Today, instead of sharing 2-3 words with you, I’m going to share one word that has 4 widely disparate meanings. Wait a minute, now that the word disparate flowed from my fingers as I was typing, I think I’ll provide that definition, too! First, disparate, so that you will then be able to understand what I mean about the other word.
Disparate (di-spar-it) is an adjective that means distinct in kind, essentially different, not at all similar. If two people had disparate ideas about how to handle a situation, they would have distinctly different ideas about what to do. For example, parents sometimes have different ideas about disciplining their children. One parent may favor spanking a child for a wrong doing. The other parent may favor talking to the child in an effort to explain why the child’s behavior was inappropriate.
Since I’ve said the word that I want to share today has disparate meanings, that indicates that the word has meanings that are very different from each other. With that said, I’ll get on with sharing the word. And that word is malkin.
Malkin (mawl-kin) is a noun. The first meaning is an untidy woman. Sometimes in the past, it has referred to a lower class kitchen maid. (That’s how Chaucer used the word!) So, if a woman is not clean, if she has sloppy, dirty clothes on, and if her hair is in disarray, she is a malkin.
The second meaning is a scarecrow, a ragged puppet, or a grotesque effigy. You can probably see how people could call a scarecrow a malkin. If a woman is a sloppy, unkempt person with a rowdy hair-do, she might look like a scarecrow or a raggedy puppet.
The third definition is a mop. Now, you might ask, how does this fit in. If the mop was made from a bundle of rags, it might look like a scarecrow which in turn might look like an untidy woman. Several hundred years ago in England, these mops were made to clean ovens or artillery pieces and were referred to as malkins. This definition isn’t commonly used today.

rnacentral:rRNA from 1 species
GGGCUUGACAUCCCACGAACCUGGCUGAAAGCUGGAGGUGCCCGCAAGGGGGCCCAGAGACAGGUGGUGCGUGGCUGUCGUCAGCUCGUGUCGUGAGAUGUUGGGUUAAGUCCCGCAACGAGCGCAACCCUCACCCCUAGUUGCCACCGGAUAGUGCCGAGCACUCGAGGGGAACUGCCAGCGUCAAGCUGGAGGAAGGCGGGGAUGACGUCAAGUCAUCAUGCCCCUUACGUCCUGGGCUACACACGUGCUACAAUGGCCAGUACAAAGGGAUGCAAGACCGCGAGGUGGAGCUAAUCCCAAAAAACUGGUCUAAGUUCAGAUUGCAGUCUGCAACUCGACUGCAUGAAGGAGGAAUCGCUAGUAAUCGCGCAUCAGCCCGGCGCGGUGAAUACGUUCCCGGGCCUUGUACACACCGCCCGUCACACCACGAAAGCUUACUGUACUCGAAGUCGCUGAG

The third definition is a cat. Since 1673, malkin has been used as a name for a cat and thus used to refer to cats in general. However, this was normal back in the 1600s and so this definition isn’t common either.
The fourth definition is a hare. In the 1700s, England and Scotland referred to hares as a malkin. Having never been to England or Scotland, I don’t know if they still refer to rabbits as a malkin. (If any of my readers are from these parts of the world, it would be great if you could let me know if this definition is still in use!)
So, if you have a pet rabbit, you can call it a malkin. If you have a pet cat, you can call that a malkin. If you have a scarecrow at Halloween time, you can call that a malkin. If you clean out your oven with a rag mop, call it a malkin. If you’ve been backpacking for a week without showering, washing your hair, or changing your clothes, you might look disheveled and untiddy — and could refer to yourself as a malkin!
Malkin . . . an untidy woman, a scarecrow, a cat, a hare . . .